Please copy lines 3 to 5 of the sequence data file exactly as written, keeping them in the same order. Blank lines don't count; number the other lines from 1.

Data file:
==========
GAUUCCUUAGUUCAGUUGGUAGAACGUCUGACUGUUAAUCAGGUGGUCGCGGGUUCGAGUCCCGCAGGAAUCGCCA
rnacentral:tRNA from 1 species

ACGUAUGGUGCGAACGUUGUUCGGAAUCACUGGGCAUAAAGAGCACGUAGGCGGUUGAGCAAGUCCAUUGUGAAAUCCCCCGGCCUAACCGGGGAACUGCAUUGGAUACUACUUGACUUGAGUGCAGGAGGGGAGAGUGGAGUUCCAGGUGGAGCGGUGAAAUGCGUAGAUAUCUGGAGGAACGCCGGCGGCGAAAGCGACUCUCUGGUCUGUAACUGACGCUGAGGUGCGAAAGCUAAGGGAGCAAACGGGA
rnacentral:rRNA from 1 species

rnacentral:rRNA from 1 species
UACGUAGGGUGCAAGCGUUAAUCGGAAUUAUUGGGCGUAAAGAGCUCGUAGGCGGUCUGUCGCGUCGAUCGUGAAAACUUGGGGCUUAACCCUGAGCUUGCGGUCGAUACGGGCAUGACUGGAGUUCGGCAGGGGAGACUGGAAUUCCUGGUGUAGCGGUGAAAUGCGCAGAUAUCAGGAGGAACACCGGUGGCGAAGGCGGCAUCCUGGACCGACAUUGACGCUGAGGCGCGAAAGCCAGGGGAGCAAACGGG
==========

ACGUAUGGUGCGAACGUUGUUCGGAAUCACUGGGCAUAAAGAGCACGUAGGCGGUUGAGCAAGUCCAUUGUGAAAUCCCCCGGCCUAACCGGGGAACUGCAUUGGAUACUACUUGACUUGAGUGCAGGAGGGGAGAGUGGAGUUCCAGGUGGAGCGGUGAAAUGCGUAGAUAUCUGGAGGAACGCCGGCGGCGAAAGCGACUCUCUGGUCUGUAACUGACGCUGAGGUGCGAAAGCUAAGGGAGCAAACGGGA
rnacentral:rRNA from 1 species

rnacentral:rRNA from 1 species